Saturday, March 04, 2006

Romance in Unlikely Places




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WARNING

THIS BLOG POST CONSISTS ALMOST ENTIRELY
OF SPOILERS FOR THE BBC VERSION OF "THE
OFFICE" DO NOT READ ON IF YOU INTEND TO
WATCH IT UNSPOILT.




OH, AND IT'S ANOTHER VERBOSE POST.



A VERY, VERY VERBOSE POST.

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Ahem.

I consider "The Office" to be one of the most romantic stories of all time.

"The Office" is a 1/2 hour long an episode, six-episodes a season, British mockumentary about office life. The main goal of the series is to make the viewer as uncomfortable as possible, and maybe laugh a little. Human insecurities and fallacies are laid bare and humiliated. All romance, warmth, sincerity, and sentimental emotions are ruthlessly dragged from their homes and beaten to death. And it's funny.

How could that be romantic?

Well, in the midst of all the barren cold wasteland of mid-sized company in Slough, England, is Tim and Dawn. Sometimes in the forefront, sometimes in the background, they are the two likable characters floating in a sea of awful drones. Their relationship is a spot of warmth and humanity.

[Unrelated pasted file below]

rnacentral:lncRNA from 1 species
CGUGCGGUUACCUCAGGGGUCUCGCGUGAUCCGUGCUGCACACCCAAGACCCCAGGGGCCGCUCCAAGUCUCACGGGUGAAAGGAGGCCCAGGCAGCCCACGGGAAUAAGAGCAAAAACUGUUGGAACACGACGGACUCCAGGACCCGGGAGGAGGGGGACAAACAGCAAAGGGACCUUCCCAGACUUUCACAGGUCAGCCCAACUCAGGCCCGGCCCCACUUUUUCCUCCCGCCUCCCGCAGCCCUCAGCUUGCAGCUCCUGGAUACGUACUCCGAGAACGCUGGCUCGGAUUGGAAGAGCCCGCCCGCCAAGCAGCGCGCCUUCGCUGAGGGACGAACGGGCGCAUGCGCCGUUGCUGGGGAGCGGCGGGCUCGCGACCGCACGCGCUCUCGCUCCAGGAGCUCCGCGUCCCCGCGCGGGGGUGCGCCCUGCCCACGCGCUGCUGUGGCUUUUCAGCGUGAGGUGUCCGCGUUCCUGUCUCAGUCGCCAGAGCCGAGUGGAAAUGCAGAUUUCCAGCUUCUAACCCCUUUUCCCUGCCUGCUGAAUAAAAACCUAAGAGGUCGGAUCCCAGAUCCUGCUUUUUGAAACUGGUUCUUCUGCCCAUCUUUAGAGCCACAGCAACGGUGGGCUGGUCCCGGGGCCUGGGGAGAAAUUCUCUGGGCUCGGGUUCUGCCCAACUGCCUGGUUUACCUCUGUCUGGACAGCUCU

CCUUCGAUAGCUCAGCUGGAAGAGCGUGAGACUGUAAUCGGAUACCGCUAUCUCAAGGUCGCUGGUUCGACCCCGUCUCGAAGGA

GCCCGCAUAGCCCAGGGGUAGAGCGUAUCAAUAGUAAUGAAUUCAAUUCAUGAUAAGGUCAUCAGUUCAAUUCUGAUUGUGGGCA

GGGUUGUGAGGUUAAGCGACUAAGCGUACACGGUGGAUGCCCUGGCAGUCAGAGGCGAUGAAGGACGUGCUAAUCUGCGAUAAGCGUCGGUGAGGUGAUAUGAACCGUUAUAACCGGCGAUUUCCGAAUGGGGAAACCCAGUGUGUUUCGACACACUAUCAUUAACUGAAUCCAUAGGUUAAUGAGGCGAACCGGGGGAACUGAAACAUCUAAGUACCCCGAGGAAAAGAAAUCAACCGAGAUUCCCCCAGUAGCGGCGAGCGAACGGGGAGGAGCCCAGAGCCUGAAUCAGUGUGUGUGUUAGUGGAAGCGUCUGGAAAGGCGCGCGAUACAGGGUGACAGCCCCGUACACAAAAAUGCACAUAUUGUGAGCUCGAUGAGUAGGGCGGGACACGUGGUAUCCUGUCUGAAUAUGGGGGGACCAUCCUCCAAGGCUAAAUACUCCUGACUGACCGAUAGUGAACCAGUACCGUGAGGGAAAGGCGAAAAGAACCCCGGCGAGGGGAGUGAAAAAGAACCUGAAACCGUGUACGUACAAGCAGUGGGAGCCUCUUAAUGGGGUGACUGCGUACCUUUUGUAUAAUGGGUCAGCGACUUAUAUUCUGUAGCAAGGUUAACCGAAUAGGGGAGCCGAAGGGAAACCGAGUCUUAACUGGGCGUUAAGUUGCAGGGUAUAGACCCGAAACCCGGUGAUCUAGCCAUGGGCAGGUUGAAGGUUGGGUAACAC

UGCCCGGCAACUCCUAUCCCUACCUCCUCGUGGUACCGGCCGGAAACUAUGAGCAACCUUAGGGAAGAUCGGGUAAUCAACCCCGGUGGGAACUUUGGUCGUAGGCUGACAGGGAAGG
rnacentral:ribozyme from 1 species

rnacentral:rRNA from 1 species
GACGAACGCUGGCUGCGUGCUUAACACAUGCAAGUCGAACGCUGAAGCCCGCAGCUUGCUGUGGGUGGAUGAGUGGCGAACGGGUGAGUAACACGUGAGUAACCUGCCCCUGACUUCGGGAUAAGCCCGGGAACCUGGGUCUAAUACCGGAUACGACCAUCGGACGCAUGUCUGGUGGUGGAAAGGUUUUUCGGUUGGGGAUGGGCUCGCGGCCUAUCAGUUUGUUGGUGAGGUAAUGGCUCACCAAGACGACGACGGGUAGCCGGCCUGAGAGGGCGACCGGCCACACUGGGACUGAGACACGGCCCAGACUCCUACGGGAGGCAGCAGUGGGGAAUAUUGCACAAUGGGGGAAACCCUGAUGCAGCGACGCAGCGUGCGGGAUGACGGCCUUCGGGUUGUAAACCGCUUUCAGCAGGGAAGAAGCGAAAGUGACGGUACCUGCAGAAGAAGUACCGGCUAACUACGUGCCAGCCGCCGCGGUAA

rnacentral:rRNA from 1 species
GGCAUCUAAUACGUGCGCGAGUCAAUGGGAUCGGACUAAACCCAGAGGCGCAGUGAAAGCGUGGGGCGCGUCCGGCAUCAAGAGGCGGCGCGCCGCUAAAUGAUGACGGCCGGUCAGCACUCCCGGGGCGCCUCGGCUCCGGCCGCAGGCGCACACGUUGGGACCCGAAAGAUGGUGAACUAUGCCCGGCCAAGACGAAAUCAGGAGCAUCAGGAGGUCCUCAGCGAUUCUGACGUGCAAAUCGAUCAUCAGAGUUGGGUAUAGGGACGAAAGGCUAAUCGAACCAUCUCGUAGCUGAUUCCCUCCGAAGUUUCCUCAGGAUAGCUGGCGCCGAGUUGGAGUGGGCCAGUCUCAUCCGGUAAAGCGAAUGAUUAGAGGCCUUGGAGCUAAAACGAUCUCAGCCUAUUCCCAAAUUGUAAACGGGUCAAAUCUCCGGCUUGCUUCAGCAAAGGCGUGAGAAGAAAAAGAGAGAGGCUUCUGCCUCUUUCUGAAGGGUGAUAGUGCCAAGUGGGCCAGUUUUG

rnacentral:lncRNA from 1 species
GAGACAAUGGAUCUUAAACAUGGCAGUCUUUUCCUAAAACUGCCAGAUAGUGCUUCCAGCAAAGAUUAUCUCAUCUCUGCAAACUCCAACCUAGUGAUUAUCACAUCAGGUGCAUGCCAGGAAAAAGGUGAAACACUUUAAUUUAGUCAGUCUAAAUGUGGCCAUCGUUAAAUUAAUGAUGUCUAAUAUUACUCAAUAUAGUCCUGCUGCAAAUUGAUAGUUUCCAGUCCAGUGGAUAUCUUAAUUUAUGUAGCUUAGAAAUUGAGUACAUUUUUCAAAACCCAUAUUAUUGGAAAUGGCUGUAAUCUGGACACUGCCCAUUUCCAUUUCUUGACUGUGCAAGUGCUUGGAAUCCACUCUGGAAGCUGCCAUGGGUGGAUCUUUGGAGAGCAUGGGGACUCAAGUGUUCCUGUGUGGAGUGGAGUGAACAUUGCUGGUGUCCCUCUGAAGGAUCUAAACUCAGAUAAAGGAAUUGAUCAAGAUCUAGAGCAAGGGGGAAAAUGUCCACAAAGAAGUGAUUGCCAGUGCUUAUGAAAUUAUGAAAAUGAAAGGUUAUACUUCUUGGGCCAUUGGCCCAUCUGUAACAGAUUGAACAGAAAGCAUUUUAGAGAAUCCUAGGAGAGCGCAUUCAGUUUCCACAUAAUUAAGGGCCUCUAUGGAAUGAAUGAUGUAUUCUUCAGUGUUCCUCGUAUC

The agony is that Dawn has a fiance, Lee. A big bruiser who works in the shipping department of the office, downstairs and away from the main happenings. Anyone can see he's all wrong for Dawn. He's not supportive or sensitive, or even terribly nice. But he is considered rather good looking (not my type really).

Normally that sort of romantic entanglements drive me nuts. Why would a sane girl like Dawn go for such a jerk? But of course we've all had friends date people who were asses for far to long so I accepted it. Dawn's not perfect, and why dump Lee only to risk the unknown with Tim?

And lets face it, Tim is not the best catch. A rather downtrodden young man with no friends who hates his job but will probably never leave it. He has a sense of humor and a strong wit that make him adorable, but perhaps his push-over nature does look bad in comparison to Lee's strong (overbearing) nature. He certainly doesn't look very tough in comparison. The episode where it's Tim's birthday and he ends up forlornly wandering the parking lot of a bar without shoes (someone tossed them on the roof for a bet despite Tim's protests) comes to mind.